How to graduate debt-free (or nearly there!)


I’m going to graduate debt free. I’ve been fortunate enough to be able to afford to pay my own way through university. Not my parent’s money, not the government’s but my very own hard earned cash.


This has happened mostly because I have been able to consistently save up enough money to pay for my rent, tuition, and textbooks through co-op jobs, and then been very frugal during school terms. I realize that this is not a situation many people are lucky enough to experience, but I’ve had a few people look at me curiously when I’ve told them I decided to forgo OSAP as if this is a concept no one has ever thought of before. It is a lot of money, but with the right budgeting and money sense it can be done.


I realize that a lot of students here come from some difficult financial situations and graduating debt free may not be possible. But I can at least share with you the ways I use to minimize spending and strengthen up your bank account. Most of it requires self-control and using logic which are absolutely free. I am by no means a qualified financial advisor, accountant, or money guru. I am only here to share my experience, what has and hasn’t worked for me, and insight from other students to help people get by. This week’s blog is mostly focused on the co-op program, but more will come that is more applicable to every student.


So here’s how I did:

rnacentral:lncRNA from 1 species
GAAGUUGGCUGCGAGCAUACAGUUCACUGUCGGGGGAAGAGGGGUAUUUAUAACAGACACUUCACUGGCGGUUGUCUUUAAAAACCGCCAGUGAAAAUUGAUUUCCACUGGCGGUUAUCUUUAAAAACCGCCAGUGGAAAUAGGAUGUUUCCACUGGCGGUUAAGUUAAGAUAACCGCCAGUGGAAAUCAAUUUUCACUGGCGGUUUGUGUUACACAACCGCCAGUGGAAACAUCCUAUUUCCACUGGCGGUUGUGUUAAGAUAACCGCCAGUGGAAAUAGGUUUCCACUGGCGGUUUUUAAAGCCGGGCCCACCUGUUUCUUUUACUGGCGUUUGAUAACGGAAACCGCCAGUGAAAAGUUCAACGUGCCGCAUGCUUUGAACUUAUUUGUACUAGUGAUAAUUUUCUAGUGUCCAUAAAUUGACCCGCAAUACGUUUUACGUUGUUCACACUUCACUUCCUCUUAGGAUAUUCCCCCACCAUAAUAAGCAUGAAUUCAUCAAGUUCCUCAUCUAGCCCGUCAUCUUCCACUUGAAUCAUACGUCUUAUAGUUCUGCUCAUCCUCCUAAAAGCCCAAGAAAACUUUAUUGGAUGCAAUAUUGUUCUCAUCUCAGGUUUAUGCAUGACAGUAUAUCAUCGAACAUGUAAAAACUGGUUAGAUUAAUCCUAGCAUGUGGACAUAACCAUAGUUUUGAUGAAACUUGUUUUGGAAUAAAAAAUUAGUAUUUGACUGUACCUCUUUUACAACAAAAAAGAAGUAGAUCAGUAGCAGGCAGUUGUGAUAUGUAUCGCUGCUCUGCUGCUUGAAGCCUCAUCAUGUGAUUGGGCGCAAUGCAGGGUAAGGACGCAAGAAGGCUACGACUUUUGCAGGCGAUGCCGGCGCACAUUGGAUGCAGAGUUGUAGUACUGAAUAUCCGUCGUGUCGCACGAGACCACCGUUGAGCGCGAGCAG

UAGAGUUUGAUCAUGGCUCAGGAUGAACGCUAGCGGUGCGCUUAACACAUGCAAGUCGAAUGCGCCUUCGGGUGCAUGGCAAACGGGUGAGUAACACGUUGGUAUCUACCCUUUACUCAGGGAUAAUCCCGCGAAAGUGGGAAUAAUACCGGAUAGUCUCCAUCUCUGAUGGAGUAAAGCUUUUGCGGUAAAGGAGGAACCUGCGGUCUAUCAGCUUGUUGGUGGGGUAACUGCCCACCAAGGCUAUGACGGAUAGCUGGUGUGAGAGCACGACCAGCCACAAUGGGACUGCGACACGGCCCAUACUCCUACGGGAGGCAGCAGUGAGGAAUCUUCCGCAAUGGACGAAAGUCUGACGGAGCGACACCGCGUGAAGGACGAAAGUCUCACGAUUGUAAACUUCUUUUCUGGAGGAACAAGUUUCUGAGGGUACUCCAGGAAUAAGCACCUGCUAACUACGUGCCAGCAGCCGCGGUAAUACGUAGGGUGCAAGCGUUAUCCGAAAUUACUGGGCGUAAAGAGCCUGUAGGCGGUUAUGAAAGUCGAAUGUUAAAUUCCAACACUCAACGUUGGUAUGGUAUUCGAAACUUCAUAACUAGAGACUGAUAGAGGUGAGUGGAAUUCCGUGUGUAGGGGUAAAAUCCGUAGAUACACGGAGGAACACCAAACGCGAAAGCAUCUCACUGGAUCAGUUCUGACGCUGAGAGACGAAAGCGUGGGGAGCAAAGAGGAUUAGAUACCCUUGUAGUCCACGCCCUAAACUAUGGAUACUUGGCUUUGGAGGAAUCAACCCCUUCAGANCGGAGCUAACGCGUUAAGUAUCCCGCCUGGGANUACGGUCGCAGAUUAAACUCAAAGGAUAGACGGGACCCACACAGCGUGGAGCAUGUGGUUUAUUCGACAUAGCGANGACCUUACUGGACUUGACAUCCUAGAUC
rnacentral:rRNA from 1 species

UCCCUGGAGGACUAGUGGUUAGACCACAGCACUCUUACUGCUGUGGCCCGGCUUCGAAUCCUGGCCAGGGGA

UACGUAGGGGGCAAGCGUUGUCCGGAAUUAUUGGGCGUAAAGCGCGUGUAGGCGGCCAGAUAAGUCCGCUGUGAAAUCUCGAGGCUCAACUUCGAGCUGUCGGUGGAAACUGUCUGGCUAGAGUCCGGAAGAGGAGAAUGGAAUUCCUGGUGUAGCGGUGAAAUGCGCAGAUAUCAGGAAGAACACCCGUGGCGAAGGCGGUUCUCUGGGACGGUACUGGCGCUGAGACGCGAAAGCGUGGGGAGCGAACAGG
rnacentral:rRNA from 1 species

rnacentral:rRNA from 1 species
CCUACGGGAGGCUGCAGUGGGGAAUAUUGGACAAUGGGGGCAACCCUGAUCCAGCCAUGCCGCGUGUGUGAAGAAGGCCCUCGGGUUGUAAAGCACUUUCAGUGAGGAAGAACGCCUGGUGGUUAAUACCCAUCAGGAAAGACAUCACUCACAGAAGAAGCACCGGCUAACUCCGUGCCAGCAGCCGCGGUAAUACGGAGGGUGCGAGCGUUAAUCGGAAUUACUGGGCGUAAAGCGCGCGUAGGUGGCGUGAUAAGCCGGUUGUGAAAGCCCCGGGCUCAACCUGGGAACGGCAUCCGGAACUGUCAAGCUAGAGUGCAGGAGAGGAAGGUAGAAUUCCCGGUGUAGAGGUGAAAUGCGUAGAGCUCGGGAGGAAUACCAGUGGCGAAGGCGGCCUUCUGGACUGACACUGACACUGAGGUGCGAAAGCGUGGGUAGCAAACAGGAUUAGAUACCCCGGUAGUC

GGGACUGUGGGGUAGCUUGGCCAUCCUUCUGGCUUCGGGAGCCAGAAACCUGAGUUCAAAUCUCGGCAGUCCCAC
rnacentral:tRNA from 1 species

Step #1: Get into the co-op program and do everything in your power to stay there.

Seriously, buckle down and get the grades to stay in if you can.


Step #2: Lock down a co-op job.

Probably the hardest part, you’re going to want to start thinking about what kind of job you want way ahead of everyone else. Don’t have experience? Find a volunteer gig where you can get at least transferable skills. Do everything in your power to get a job and don’t get heartbroken if you don’t get one in the first, second, or even continuous round. Search on Monster and Workopolis, start calling all those extended relatives you might have—any aunts or uncles working somewhere that could be reasonable? Let the world know you are looking for a job and you’ll be surprised what comes back.


Step #3: Once you’ve got the job, save as much money as you can.

During that first week of work when usually not much happens, sit down and really think about how much you’ll be spending per month on co-op. Figure out your average budget and subtract it from your monthly income, then figure out how much you need to square away to afford another term of school. I start by calculating how much I need to save up to pay for next term’s tuition as well as roughly how much I’m willing to pay for rent per month when in Waterloo (for me it’s $500/month so that’s another $2,000). Then find out your pay schedule and calculate how long it will take you to save up what you need. That doesn’t mean you spend whatever else might be left over—not unless you’re willing to be absolutely broke once another school term ends. Come up with what I call a “buffer zone”. What’s the lowest amount you can have in your bank account and still feel comfortable? Take all that money when you’re done working and put it in a savings account to generate interest. Basically try not to spend unnecessarily even when you’re making money. Pack your own lunches and don’t go out to bars too often. Not unless you’re willing to go absolutely nowhere when you’re in school.


Step #4: Repeat steps 2 & 3.

Again and again and again, until you graduate. You’ll find it gets easier to save when you get into the habit of it. Add to that buffer zone savings account each term and you may even graduate with a tiny nest egg.


Good luck! And happy saving.


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